By Suzy Kridner
For Hometown News
NEW SMYRNA BEACH -- Just in time for the holidays, there's a vibrancy on Canal Street, including increased traffic and sales, said one business owner.
"Foot traffic is up significantly in our stores and sales are up," said Cindy Jones, owner of Southern Trends Home Furnishings, 334 Canal St., and president of the Canal Street Historic District Association. It's one of the city's two historic shopping areas, along with Flagler Avenue.
"In the last four years. the deep recession has affected Canal Street as it has every small downtown," Ms. Jones said. "But we are beginning to turn the corner."
"Canal Street is really taking off. With businesses and restaurants, it should be a nice destination for people," said Ms. Jones, who has been in business there 29 years.
Her comments were echoed by Bob Wiley, a major property owner on Canal who recently completed renovations to a 9,000-square-foot building at 235 Canal St.
"Canal Street is going to turn into a destination point with restaurants and design stores," he said. "All your decorating needs can be done in one spot."
Two retail tenants, Coastal Interiors and the Flooring Center, have already opened in his renovated building, he said, and infrastructure is going in for a restaurant on the corner of Canal and Rush Streets.
He said the property was originally the city's Post Office built in the 1960s, then the Pennysaver building.
When Mr. Wiley acquired the property in May 2011, he said he put a business plan together and requested a grant from the Community Redevelopment Agency.
"I have over $1 million of my own funds, plus some CRA funds," invested in the property, he said.
CRAs were started as a means to encourage private enterprise to invest in often blighted areas.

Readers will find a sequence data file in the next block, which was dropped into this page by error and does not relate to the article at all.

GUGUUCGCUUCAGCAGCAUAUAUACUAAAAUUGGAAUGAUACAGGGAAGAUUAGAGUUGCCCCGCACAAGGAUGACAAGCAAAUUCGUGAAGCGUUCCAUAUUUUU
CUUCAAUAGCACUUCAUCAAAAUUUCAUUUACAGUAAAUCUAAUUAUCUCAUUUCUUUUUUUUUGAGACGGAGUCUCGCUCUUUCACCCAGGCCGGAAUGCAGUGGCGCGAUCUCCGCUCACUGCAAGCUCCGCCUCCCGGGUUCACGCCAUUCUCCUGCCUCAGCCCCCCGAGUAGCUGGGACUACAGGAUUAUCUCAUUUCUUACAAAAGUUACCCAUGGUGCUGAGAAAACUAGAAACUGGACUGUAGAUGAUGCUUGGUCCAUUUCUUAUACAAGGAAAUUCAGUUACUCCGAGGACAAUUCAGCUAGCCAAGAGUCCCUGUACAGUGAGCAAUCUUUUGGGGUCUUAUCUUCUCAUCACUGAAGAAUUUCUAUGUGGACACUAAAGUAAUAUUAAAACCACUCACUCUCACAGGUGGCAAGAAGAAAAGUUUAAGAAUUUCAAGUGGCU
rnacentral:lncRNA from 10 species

But in recent decades, the slow moving CRA train started to result in revitalized downtown areas."
"(CRAs are) a really wise use of scarce public resources," said Dr. Ruth Steiner, a professor of urban and regional planning at the University of Florida.
"It encourages more redevelopment investment, instead of a system where you're building new facilities that are further away (from downtown) and not accessible to many residents in the community.
CRAs have been used to revitalize downtowns, preserve landmarks and even construct in-fill housing in downtown neighborhoods, according to the Florida Redevelopment Association by-laws.
Another major Canal Street property owner, Richard Rosedale, has been working on a two-story office building on the corner of Canal and South Orange streets since December 2011.
He has obtained a CRA grant, in addition to his own funds, to construct the building at 426 Canal St. on a lot that's been empty since 2008.
His last hurdle was a meeting recently with the Utilities Commission and he hopes to start developing the site in a week or two.
Mr. Rosedale said he's talked to some possible tenants but has nothing concrete.
He was asked by city commissioners earlier this year about having housing on the second floor.
"I'll let the market dictate that," he said. "If nothing happens for offices upstairs, I may consider housing."
But he's concerned about noise from two nearby restaurants.
He said it's been a real learning curve developing a building from the ground up, rather than doing renovations.
"That's why you buy property that's already in place," he said.
Mr. Rosedale also is high on the growth of businesses on Canal Street.
"I've seen so much enthusiasm in the last year. There's real momentum going downtown," he said in an earlier interview.
He mentioned the 12 Oaks Gifts and Home Décor at 501 Canal Street.
His lot at 426 Canal was cleared in 2008 after a building housing Room Service Design was damaged in a fire.
Patti McCracken, owner of Room Service, then moved to 421 Canal St.
"The new building that just opened on Canal is so beautiful with its landscaping and big windows," Ms. McCracken said.
She, like other merchants, said she's been very busy and is having good sales of pillows, rugs, and accent pieces.
"We renovated our building, also most property owners are reinvesting in their property," she said.
Ms. Jones said many events are coming up for the holidays.
"Christmas on Canal Street is our signature event that started the revitalization of Canal Street." "We work hard at it, she said. "It takes a lot of dedicated people who find a way to go good things that everyone benefits from."